WGC World Cup Golf Odds
The WGC World Cup is a unique event on the men's tour. It consists of two men playing in pairs from their respective country and only on team is allowed from each country.
It is regarded by players as the top world team event in golf and brings an air of patriotism and team ethic due to the usual individually played sport. The tournament was regarded as one of the bigger tournaments of the season over 40 years but a lack of funding an interest meant it was scratched from the rota in 1986. It resumed in 1993 and became known as the World Cup of Golf.
Unlike the other major team golf tournament, the Ryder Cup, this tournament is a 72-hole stroke play team event, with the best score over the four days winning, rather than playing to the traditional match-play rules. The first and third days are four-ball (best ball) play and the second and final days are foursomes play.
For up to date golf free bets make sure to take a look at our guide, which features offers from respected golf bookmakers in the UK and includes markets such as outright winners, 9 and 18 ball betting and pairs betting markets. Each way is also available for those seeking value on their selections.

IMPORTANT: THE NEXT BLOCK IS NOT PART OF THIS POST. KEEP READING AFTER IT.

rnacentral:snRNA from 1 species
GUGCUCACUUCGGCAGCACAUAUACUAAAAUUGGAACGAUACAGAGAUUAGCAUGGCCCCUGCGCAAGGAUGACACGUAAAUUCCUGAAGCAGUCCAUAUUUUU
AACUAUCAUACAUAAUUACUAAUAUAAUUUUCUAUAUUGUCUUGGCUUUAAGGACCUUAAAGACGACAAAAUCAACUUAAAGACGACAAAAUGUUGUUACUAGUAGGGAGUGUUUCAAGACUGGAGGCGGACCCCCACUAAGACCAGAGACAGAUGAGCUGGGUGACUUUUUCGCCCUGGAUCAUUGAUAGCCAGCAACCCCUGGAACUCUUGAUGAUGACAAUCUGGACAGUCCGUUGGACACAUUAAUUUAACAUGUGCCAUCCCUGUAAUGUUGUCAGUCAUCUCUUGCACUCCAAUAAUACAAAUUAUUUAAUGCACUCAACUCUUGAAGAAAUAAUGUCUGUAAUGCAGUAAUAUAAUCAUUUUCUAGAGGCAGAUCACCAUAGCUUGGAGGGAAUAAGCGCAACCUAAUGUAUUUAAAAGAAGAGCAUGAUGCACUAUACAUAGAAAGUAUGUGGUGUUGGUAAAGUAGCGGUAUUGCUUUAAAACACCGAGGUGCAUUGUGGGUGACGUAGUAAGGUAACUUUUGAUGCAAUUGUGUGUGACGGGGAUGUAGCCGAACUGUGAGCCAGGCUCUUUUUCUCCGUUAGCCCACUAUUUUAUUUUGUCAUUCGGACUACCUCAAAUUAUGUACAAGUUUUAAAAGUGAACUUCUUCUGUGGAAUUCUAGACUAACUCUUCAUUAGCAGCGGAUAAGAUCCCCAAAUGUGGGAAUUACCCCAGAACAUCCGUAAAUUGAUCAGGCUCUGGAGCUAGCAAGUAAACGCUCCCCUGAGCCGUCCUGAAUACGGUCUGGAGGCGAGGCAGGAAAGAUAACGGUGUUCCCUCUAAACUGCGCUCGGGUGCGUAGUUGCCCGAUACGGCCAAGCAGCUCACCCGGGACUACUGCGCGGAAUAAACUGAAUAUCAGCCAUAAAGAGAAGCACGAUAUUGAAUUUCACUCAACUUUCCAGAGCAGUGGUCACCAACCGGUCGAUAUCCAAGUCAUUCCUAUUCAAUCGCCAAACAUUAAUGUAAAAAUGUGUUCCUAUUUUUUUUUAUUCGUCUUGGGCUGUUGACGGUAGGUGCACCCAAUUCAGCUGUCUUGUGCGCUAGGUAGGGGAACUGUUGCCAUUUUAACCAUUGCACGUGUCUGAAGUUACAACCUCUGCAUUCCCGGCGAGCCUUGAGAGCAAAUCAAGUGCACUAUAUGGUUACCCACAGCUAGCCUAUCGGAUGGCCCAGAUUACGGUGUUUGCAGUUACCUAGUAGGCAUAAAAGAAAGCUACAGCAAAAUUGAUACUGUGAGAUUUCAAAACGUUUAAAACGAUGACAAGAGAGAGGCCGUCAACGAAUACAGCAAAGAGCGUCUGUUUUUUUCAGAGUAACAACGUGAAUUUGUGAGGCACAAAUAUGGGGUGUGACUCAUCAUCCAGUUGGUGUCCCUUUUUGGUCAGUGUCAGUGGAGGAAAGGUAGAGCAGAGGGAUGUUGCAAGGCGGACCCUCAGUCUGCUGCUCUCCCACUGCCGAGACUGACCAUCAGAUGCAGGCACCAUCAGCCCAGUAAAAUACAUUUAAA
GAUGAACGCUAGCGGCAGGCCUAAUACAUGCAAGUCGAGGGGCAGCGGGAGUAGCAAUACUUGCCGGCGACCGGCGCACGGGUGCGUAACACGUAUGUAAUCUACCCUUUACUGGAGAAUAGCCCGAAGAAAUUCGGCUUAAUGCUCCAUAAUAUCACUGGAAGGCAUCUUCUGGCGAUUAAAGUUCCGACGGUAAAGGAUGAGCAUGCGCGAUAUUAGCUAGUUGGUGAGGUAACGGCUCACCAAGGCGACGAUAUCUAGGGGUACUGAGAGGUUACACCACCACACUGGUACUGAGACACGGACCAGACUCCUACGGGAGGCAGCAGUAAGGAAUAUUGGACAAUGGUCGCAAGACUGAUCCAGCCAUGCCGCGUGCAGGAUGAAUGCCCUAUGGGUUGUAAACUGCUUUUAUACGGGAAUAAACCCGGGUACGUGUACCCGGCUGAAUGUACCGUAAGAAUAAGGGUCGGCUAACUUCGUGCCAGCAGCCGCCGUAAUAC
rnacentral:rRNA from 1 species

Team qualification is achieved according to the World Golf Rankings. The top 18 players in the rankings are given an invitation to the tournament. If they accept the invitation they are allowed to hand-pick a teammate of the same nationality. The host nation automatically receives an invitation no matter where they are ranked in the official standings. As you would expect in a tournament of this nature, the USA have dominated.
The stars and stripes have landed the event 24 times, with Jack Nicklaus and Arnold Palmer leading the way individually with six wins each.
Some recent winners of the glorified team event include the South African pairing of Retief Goosen and Ernie Els, who came through a four way play-off in 2001 to land the spoils in Japan.
The latest tournament in 2011 was won by the USA again, courtesy of Matt Kutchar and Garry Woodland seeing off Englishmen Ian Poulter and Justin Rose.